The draft policy focuses on reproductive rights of women by regulating surrogacy and shifting the onus of family planning from female to male sterilisation
New Delhi: The women and child development ministry (WCD) has reset the narrative on women’s rights in India by focusing on women’s reproductive rights, redistribution of gender roles and the recognition of the rights of single women in its draft National Policy for Women, 2016.
“The attitude of women towards themselves has changed which reflects in the draft policy where the focus has shifted from just welfare to welfare with a heavy dose of rights. This policy will define government action towards women for the next 15 to 20 years," WCD minister Maneka Gandhi said on Tuesday.
The draft policy, which comes 15 years since the National Policy for the Empowerment of Women was formulated in 2001, focuses on reproductive rights of women by regulating surrogacy and shifting the onus of family planning from female to male sterilisation.
According to data in the United Nation Development Programme’s latest Human Development Report (HDR) of 2015, India ranks 130 out of 155 countries in the Gender Inequality Index (GII) for 2014, way behind Bangladesh and Pakistan that rank 111 and 121 respectively.
The index measures inequalities on the basis of indicators such as reproductive health measured by maternal mortality ratio and adolescent birth rates, empowerment which is measured by the share of parliamentary seats—just 12.2% of parliamentary seats are held by women in India—and attainment in education, and economic activity calculated by labour market participation rate.
The policy also recognises the need for a social protection mechanism to address vulnerabilities and create opportunities for single women- including widows, separated women, never-married and deserted women. As per Census 2011, 21% of India’s population comprises single women, The Times of India reported.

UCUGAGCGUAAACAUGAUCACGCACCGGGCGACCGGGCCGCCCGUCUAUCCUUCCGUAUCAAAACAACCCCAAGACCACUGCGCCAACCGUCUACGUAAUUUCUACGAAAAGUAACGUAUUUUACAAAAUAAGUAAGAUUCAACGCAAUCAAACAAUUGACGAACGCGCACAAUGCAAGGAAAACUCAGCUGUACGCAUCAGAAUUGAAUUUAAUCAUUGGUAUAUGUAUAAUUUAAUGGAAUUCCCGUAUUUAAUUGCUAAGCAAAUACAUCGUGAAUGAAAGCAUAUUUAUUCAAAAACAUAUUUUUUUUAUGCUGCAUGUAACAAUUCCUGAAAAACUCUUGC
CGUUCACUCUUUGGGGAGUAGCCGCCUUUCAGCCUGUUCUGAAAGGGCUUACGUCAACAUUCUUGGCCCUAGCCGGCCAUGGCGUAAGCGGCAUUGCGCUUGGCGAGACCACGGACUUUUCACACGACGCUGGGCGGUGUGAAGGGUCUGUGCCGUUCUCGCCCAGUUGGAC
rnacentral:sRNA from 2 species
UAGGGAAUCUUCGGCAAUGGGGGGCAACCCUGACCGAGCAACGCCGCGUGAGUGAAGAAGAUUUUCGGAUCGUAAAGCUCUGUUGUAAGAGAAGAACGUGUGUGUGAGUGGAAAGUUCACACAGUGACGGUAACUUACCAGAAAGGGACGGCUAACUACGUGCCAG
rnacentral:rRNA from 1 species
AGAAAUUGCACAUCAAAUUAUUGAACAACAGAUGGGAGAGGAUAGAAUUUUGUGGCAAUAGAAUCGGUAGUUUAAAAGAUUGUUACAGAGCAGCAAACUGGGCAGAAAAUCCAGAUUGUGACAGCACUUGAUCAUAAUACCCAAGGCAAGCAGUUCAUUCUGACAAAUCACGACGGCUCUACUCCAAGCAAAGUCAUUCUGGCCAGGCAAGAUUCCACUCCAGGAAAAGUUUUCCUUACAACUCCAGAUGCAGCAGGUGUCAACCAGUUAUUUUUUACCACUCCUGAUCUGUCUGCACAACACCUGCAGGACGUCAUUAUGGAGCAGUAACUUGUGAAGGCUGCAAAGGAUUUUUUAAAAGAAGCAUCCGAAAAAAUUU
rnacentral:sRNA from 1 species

The report does not take into account some of the key recommendations made by the High Level Committee on the Status of Women in India, which was set up the previous government in 2013 to study the status of women in India since 1989. The committee, which submitted its report in July 2015, had recommended criminalisation of marital rape, decriminalisation of sex work and giving the National Commission of Women the status of civil courts, among other things.
Though women’s rights activists welcomed the move, they said more work needs to be done.
“The women’s movement has been demanding these things for a very long time now. We have done a lot of advocacy and lobbying to make men more responsible in the process of reproduction and we see our efforts finally making a change. However, our other demands like criminalising marital rape or regulating sex work have not been addressed. Thus, there is still a long way to go," said Kamla Bhasin, a feminist activist.
The policy has been made public and the ministry is taking suggestions from various stakeholders along with inter-ministerial consultations before it moves the policy to the cabinet after a period of three months.
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